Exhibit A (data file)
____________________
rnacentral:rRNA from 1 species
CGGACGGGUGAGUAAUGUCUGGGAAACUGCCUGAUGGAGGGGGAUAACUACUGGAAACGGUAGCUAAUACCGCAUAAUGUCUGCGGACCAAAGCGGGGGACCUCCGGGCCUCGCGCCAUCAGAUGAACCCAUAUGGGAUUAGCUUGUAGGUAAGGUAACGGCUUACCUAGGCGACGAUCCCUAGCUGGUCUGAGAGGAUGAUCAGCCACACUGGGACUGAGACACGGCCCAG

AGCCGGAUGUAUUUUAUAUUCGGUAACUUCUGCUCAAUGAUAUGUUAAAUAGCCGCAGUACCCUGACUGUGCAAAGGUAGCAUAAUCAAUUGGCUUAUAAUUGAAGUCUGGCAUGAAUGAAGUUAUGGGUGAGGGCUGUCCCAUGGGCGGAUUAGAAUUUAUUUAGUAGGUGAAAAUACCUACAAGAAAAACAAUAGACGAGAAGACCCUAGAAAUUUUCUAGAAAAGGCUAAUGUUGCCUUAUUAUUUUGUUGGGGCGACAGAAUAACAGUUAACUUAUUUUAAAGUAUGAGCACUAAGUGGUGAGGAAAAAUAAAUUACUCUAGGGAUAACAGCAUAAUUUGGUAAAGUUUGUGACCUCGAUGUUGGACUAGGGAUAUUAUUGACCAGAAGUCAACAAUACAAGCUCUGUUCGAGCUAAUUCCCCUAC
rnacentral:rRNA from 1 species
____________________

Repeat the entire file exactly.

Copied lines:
rnacentral:rRNA from 1 species
CGGACGGGUGAGUAAUGUCUGGGAAACUGCCUGAUGGAGGGGGAUAACUACUGGAAACGGUAGCUAAUACCGCAUAAUGUCUGCGGACCAAAGCGGGGGACCUCCGGGCCUCGCGCCAUCAGAUGAACCCAUAUGGGAUUAGCUUGUAGGUAAGGUAACGGCUUACCUAGGCGACGAUCCCUAGCUGGUCUGAGAGGAUGAUCAGCCACACUGGGACUGAGACACGGCCCAG

AGCCGGAUGUAUUUUAUAUUCGGUAACUUCUGCUCAAUGAUAUGUUAAAUAGCCGCAGUACCCUGACUGUGCAAAGGUAGCAUAAUCAAUUGGCUUAUAAUUGAAGUCUGGCAUGAAUGAAGUUAUGGGUGAGGGCUGUCCCAUGGGCGGAUUAGAAUUUAUUUAGUAGGUGAAAAUACCUACAAGAAAAACAAUAGACGAGAAGACCCUAGAAAUUUUCUAGAAAAGGCUAAUGUUGCCUUAUUAUUUUGUUGGGGCGACAGAAUAACAGUUAACUUAUUUUAAAGUAUGAGCACUAAGUGGUGAGGAAAAAUAAAUUACUCUAGGGAUAACAGCAUAAUUUGGUAAAGUUUGUGACCUCGAUGUUGGACUAGGGAUAUUAUUGACCAGAAGUCAACAAUACAAGCUCUGUUCGAGCUAAUUCCCCUAC
rnacentral:rRNA from 1 species